Cisco's WebEx Chrome Plugin Will Execute Malicious Code

This week we hear about a New Spear-Phishing Method for Copy-Pasting Military Hardware and how a Cisco's WebEx Chrome Plugin Will Execute Malicious Code.

Malware

Cisco's WebEx Chrome Plugin Will Execute Malicious Code

A vulnerability in these Cisco WebEx browser extensions could allow an unauthenticated, remote attacker to execute arbitrary code with the privileges of the affected browser on an affected system. This vulnerability affects the browser extensions for Cisco WebEx Meetings Server and Cisco WebEx Centers when they are running on Microsoft Windows. 

The vulnerability is a design defect in an application programing interface (API) response parser within the extension. An attacker that can convince an affected user to visit an attacker-controlled web page or follow an attacker-supplied link with an affected browser could exploit the vulnerability. If successful, the attacker could execute arbitrary code with the privileges of the affected browser. 

References: A Vulnerability in Cisco WebEx | Google Chrome Extension | Critical WebEx Extension Vulnerability Allows Code Execution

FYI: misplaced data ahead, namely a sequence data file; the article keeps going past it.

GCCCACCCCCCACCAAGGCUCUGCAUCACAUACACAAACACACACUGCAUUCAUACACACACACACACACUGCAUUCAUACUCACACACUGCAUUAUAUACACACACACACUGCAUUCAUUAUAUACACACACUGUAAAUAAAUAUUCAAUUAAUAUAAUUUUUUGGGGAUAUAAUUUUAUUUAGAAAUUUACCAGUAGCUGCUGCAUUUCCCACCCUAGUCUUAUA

Mitigation Strategies:

  • Web filtration to prevent users from clicking on malicious websites
  • FIM solution would detect any type of file modification or addition
  • Intrusion detection system (IDS) signatures would detect intrusion and network anomalies
  • Security Operations Center team provides 24x7 security monitoring, daily log review, web application firewall management, and advanced anomaly detection.
  • Log management could detect any suspicious user account activity
  • Mail filtration would scan incoming files and hyperlinks of any malicious links or code

Breach

New Spear-Phishing Method for Copy-Pasting Military Hardware

Chinese state-sponsored hackers are targeting military and aerospace interests in Russia and Belarus. Since the summer of 2016, a group has begun using a new downloader known as ZeroT, spear-phishing emails to install the PlugX remote access Trojan (RAT), according to security researchers. The group is also using Microsoft Compiled HTML Help (.chm) files to deliver PlugX in spear-phishing emails.

References: Chinese Hackers Switch Tactics for Spying on Russian Jet Makers | Chinese State-Sponsored Cyber Espionage Group Targets Russia with Trojans | China Ramps Up Cyber Spying Against Moscow

Mitigation Strategies:

  • FIM solution would detect any type of file modification or addition
  • Intrusion detection system (IDS) signatures would detect intrusion and network anomalies
  • Security Operations Center team provides 24x7 security monitoring, daily log review, web application firewall management, and advanced anomaly detection. 
  • E- Mail filtration would scan incoming files and hyperlinks of any malicious links or code
  • Netflow traffic may also reveal large data transfers and potential data leakage

This Week's Suspicious IP Addresses

182.100.67.4 188.118.2.26
46.109.168.179 118.170.130.207
81.183.56.217 183.60.48.25

*IP addresses provided by Recorded Future.